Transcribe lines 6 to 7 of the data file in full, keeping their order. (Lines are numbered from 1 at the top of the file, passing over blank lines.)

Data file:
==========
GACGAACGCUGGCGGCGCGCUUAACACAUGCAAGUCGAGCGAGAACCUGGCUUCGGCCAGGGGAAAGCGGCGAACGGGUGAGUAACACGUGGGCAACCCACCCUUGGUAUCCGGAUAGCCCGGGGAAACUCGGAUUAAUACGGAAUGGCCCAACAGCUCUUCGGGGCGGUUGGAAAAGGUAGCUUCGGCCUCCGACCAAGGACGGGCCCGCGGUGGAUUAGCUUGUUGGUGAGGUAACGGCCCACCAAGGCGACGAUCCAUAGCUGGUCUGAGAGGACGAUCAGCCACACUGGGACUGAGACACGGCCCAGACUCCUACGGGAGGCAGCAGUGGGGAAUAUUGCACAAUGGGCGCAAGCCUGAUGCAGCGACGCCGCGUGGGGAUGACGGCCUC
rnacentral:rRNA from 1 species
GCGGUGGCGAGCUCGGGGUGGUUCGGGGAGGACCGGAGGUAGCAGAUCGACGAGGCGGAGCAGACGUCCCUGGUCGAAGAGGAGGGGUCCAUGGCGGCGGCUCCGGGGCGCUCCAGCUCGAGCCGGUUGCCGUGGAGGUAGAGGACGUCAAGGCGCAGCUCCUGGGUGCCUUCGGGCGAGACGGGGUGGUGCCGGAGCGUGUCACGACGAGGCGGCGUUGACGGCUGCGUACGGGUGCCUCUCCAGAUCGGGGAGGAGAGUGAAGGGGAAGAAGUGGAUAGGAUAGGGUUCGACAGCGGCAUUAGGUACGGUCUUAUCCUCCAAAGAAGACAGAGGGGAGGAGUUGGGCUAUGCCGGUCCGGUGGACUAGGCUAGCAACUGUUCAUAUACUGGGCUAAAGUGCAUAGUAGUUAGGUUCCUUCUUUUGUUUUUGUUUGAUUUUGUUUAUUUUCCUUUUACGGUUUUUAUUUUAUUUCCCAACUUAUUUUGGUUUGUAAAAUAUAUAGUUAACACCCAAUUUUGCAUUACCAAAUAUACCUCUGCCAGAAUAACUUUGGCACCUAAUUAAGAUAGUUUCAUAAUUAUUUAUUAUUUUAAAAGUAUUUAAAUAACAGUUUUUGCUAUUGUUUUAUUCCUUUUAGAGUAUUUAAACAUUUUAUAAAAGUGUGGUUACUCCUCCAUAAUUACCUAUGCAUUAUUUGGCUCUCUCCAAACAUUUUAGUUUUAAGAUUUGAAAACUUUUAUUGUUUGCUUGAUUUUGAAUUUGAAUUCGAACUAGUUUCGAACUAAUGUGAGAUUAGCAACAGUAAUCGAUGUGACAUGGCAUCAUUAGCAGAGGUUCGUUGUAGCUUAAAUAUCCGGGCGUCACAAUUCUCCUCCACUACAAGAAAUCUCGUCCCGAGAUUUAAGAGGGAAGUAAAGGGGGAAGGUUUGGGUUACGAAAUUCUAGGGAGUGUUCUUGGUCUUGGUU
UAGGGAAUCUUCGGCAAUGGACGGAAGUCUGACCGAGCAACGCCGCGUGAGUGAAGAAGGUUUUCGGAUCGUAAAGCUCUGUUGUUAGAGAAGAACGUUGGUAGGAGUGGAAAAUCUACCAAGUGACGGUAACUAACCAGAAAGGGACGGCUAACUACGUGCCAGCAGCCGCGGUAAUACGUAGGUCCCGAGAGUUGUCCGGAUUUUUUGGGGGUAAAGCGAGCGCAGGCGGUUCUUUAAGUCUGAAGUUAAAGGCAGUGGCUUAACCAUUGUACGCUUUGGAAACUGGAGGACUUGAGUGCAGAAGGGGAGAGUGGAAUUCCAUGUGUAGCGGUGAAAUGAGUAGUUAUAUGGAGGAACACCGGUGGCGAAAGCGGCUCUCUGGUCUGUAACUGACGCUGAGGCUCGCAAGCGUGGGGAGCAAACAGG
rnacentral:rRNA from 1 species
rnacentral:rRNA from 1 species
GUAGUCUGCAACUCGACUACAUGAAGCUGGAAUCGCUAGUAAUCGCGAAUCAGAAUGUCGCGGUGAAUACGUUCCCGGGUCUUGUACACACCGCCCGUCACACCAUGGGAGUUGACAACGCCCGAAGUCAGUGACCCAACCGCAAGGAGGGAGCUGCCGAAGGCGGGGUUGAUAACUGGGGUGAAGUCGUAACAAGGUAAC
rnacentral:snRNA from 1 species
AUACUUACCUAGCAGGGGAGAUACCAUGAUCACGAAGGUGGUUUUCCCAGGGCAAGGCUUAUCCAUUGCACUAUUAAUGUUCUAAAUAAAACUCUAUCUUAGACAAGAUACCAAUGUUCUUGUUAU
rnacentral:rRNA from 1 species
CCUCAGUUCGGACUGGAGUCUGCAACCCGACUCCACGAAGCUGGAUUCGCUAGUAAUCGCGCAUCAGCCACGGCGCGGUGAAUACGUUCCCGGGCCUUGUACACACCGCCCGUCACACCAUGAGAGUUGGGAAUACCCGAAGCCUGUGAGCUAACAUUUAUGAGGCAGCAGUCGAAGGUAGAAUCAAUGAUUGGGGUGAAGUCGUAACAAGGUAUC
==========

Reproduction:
rnacentral:rRNA from 1 species
GUAGUCUGCAACUCGACUACAUGAAGCUGGAAUCGCUAGUAAUCGCGAAUCAGAAUGUCGCGGUGAAUACGUUCCCGGGUCUUGUACACACCGCCCGUCACACCAUGGGAGUUGACAACGCCCGAAGUCAGUGACCCAACCGCAAGGAGGGAGCUGCCGAAGGCGGGGUUGAUAACUGGGGUGAAGUCGUAACAAGGUAAC